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US Air Force chief: Libya no-fly zone would be too little, too late

Many experts agree with Air Force Chief of Staff Gen. Norton Schwartz, who told Congress Thursday that a no-fly zone in Libya 'would not be sufficient.' But there are other options short of putting troops on the ground, which President Obama has ruled out.

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Now that Qaddafi has declared a ceasefire, his strategy likely involves buying time while he endeavors to consolidate his forces in the rebel-held east. But what he does nearer Tripoli, in the still unsettled western town of Misrata, “may well be a real test,” says Mr. White. “If Qaddafi continues to assault Misrata with ground forces and artillery like he’s been doing, that’s a clear challenge to the UN resolution.”

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What a bombing campaign would look like

Schwartz told the Senate Armed Services Committee that any aerial bombing “will require preparation of the battle space – essentially taking out Libyan air defenses and jamming communications.

These steps should not be exceedingly difficult, since about 40 percent of Libya’s air defenses are currently under control of the rebels, White says. “It’s not like we’re trying to penetrate the Soviet Union during the cold war.”

Also, precisely hitting such targets is “certainly within our capability,” Schwartz said in his testimony. Most of Qaddafi’s forces in the west are “very exposed” and “out in the desert.”

It would be difficult for Qaddafi to hide tanks and multiple rocket launchers out there, says White, and US military assets equipped with infrared systems would find it relatively easy to hit the right target.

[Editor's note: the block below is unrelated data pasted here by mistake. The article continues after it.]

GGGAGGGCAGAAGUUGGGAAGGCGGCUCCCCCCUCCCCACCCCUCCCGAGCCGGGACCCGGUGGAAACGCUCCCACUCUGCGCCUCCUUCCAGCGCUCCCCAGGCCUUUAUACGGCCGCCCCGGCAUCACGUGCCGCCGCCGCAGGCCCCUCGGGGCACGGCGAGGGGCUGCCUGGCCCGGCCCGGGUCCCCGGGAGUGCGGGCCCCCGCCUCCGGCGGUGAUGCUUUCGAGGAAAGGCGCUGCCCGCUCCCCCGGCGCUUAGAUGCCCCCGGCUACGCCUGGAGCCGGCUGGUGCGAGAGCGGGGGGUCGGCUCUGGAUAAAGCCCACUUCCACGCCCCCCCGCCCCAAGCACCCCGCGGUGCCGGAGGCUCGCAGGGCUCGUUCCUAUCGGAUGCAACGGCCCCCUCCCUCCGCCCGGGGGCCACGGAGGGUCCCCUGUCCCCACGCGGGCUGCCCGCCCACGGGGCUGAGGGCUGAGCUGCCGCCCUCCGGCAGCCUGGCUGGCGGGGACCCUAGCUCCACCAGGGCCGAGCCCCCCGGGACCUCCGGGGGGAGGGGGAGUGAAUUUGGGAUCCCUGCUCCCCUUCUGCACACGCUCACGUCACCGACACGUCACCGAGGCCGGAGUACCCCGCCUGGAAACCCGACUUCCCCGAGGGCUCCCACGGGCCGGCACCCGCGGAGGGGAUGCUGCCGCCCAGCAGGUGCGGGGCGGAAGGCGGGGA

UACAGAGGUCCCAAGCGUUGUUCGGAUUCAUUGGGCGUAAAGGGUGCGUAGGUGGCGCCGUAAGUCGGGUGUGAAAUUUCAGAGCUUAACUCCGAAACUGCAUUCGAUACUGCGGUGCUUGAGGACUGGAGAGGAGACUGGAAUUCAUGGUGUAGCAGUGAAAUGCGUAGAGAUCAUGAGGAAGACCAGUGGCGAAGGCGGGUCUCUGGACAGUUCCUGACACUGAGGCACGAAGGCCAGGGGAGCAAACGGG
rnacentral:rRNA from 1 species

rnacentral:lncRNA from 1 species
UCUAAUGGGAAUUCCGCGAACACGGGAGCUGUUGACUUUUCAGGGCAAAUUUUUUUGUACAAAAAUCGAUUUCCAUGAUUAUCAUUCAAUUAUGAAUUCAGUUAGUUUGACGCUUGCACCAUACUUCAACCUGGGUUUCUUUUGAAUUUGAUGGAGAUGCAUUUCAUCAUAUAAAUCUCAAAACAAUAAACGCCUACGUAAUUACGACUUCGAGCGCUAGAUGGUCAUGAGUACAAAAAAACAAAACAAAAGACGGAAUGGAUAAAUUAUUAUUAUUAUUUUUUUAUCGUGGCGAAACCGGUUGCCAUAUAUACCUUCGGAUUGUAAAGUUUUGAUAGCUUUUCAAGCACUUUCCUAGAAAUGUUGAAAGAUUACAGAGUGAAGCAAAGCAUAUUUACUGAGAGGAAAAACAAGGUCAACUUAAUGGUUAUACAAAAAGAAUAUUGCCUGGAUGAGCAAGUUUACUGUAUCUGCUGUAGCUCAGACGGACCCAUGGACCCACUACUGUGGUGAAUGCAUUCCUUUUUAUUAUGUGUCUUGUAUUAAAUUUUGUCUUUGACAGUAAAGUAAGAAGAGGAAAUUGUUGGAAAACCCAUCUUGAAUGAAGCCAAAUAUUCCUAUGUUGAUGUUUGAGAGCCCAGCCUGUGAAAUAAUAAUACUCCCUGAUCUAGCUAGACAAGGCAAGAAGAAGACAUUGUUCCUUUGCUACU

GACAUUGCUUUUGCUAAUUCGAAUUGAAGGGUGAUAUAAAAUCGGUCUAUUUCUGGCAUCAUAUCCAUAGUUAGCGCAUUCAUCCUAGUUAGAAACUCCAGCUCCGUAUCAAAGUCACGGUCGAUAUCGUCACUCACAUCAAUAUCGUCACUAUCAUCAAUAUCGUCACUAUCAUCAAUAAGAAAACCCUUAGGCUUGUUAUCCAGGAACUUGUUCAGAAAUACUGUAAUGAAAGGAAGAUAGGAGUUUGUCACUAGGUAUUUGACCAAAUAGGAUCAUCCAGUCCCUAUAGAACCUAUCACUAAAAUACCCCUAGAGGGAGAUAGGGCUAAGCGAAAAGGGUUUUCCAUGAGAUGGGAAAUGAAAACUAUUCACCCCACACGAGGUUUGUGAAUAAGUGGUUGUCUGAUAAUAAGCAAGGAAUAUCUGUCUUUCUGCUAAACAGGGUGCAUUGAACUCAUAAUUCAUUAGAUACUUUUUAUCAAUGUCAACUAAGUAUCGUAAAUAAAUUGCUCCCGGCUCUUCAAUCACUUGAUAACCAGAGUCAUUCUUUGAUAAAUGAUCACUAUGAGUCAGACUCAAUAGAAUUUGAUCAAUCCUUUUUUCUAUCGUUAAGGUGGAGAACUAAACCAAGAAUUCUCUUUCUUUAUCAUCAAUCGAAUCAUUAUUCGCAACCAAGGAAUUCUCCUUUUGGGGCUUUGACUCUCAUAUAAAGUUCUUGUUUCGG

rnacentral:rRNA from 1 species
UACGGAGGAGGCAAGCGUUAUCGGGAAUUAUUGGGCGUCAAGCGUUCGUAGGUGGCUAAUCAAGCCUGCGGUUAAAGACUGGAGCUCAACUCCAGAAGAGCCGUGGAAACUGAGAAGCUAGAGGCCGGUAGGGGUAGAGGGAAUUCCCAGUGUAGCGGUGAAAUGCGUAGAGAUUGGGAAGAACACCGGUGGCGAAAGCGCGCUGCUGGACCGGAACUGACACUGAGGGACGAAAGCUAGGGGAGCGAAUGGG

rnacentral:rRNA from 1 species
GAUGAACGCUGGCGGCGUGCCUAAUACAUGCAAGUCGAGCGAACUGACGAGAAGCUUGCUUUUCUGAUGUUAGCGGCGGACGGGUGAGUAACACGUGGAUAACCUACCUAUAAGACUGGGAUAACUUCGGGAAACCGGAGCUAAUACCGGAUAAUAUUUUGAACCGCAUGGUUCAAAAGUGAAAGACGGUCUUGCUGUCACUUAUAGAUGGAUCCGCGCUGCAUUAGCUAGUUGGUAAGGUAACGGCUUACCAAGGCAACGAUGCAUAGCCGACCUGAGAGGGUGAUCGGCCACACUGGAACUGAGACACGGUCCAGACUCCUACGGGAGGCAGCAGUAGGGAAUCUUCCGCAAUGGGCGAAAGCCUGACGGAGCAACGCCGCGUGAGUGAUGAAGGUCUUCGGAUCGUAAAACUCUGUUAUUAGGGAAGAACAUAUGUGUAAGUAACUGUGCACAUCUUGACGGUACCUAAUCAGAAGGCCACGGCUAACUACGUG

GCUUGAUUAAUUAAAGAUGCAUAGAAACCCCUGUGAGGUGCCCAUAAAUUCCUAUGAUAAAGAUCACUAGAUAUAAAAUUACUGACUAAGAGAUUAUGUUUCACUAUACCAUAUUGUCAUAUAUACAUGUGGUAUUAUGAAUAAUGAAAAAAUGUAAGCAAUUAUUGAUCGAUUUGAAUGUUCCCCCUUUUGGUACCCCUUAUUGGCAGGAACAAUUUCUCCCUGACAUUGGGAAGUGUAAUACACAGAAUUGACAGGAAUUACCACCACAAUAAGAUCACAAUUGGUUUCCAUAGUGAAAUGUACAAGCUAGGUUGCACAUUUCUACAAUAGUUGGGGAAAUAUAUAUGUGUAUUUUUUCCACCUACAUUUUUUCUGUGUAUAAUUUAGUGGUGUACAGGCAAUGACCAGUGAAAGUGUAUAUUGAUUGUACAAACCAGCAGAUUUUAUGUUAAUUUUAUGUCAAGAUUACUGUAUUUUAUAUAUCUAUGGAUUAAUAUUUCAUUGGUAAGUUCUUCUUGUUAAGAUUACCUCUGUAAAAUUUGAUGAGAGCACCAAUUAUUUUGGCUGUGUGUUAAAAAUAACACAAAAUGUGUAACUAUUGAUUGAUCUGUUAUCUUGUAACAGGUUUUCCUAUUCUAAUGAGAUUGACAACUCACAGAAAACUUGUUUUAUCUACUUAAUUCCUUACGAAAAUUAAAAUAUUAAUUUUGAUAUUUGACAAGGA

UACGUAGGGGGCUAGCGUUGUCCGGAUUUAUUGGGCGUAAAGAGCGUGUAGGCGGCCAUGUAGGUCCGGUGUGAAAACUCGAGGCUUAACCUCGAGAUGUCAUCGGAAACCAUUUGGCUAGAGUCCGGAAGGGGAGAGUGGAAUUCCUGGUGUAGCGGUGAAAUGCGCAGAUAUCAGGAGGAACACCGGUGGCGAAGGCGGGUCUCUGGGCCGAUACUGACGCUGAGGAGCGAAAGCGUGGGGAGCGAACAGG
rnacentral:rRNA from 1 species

Yet prospects of accidentally hitting civilian targets increase in more populated areas. In urban areas, Schwartz warned, there are “clearly” concerns about “collateral damage and so on.”

No ground forces?

It is unlikely that any intervention would involve US ground forces. “No one wants them there, and it’s not clear what advantages they would offer,” Cordesman says.

President Obama said Friday that the US would not send ground troops into Libya. But while the UN resolution rules out any “occupying force” on the ground, it does not rule out ground troops. A cost-effective argument might well be made for US Special Operations troops on the ground, says White. “Get them in there and help the rebels control their forces, and give them good anti-tank and anti-aircraft weapons,” he says.

But all these operations would lead to an as-yet unasked question: What is the ultimate goal? If it is to remove Qaddafi, a no-fly zone and even bombing his current military positions would do little. “So are you willing to attack Qaddafi in his headquarters?” Cordesman asks.

What’s more, what if there are civilian casualties or if a new regime in Libya doesn’t meet expectations? “How do you live with the consequences?” he adds. In a case where the US may be directly or indirectly involved in nation-building, “How prepared are allied states” to take over such a mission?

Schwartz for his part posed these provocative questions in a way that that gave some insight into the planning in which his staff is now busily involved. “The question is: Is a no-fly zone the last step,” he asked, “or is it the first step?”


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